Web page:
BT's Undertakings to Ofcom, accepted in September 2005, require BT to publish relevant key performance indicators (KPIs).
These play an important role in assuring all the stakeholders concerned with BT's performance that the Undertakings are being delivered.
The information is in two parts:
Further KPI reports are available on the BT Wholesale and the Office of the Telecommunications Adjudicator sites.
We are interested in your views, particularly those of other communications providers. Please e-mail: email@example.com, heading your message "KPI Reporting".
We have been publishing for several years, and have built a useful base of information. In general, we have found little evidence of difference between the product performance BT receives and that provided to its communications provider (CP) customers. Where there have been minor differences these have been to BT’s relative disadvantage, converging over time or the result of known factors that we have addressed. KPI performance is an indicator of equivalence but must be viewed with other measures as evidence as to whether or not equivalence is being delivered. It must also be noted that BT does not serve all its end-users on an equivalent basis and the migration of the installed base is underway and scheduled to continue to 2010. The results so far, are encouraging and offer evidence that BT does not systematically favour its own businesses over those of its CP customers.
The report uses a statistical tool called a "z-test". A z-test allows us to understand whether or not any difference in performance between the service BT provides to itself and to others is likely to result from random variation. This is clearer than looking at raw performance data, where differences are not tested for significance. On the charts you will see a zone denoted by two blue lines. If the results fall within this zone it is likely they are random variations. If they fall outside the zone consistently, we investigate the difference.
Technically, the z-test uses the normal distribution of probabilities to define the zone where differences are most likely to be due to random factors. Actual results are then plotted against this. The z-tests are only reliable where there is adequate data for the normal distribution to be reliably calculated. For that reason, we do not perform the test for every product. There is further description of z-tests at: http://en.wikipedia.org/wiki/Z-test/ (note: external link)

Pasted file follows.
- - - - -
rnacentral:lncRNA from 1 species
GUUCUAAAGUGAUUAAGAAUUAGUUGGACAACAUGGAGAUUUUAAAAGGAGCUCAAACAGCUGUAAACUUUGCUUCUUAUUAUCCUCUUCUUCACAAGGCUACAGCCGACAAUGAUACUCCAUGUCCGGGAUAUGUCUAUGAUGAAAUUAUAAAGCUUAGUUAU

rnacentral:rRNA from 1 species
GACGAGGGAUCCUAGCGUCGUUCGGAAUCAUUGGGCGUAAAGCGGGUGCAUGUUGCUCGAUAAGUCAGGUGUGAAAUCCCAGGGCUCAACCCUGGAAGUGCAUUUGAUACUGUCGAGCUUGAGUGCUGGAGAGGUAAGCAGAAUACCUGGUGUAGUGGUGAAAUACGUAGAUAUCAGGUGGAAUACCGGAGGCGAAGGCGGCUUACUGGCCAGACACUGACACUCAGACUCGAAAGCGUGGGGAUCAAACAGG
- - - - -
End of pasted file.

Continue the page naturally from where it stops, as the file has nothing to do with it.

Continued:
The z-test is, therefore, a useful tool for identifying areas where there may be equivalence issues. It does not, in itself, prove whether BT is, or is not, providing service on an equivalent basis. That can only be established by looking at the detail of how BT is providing its services.
Using the z test is more objective than looking at raw performance data, where it is not possible to tell if any observed differences are statistically significant. BT therefore no longer publishes raw performance data as part of these KPIs.
We value your comments so if you have any views on this or any other aspect of these KPIs please e-mail to firstname.lastname@example.org.
Individual CP Results
We have received comments that some individual CPs are interested in understanding how their individual results compare with BT's. This is not something that BT publishes as part of its equivalence activity, which generally looks at performance in aggregate. At an individual level many factors such as geographical distribution and product mix can skew the results. If however there are particular service concerns that mean you need better to understand the performance you are receiving please contact your Customer Business Manager.
Just what is "BBRD1" anyway?
In some of the product KPIs you will see specific abbreviations of the measurement we are using, for example BBRD1. We include them so that people with an interest can identify the statistics accurately when cross referring to other KPI publications, such as those supplied to Ofcom or the Office of the Telecoms Adjudicator.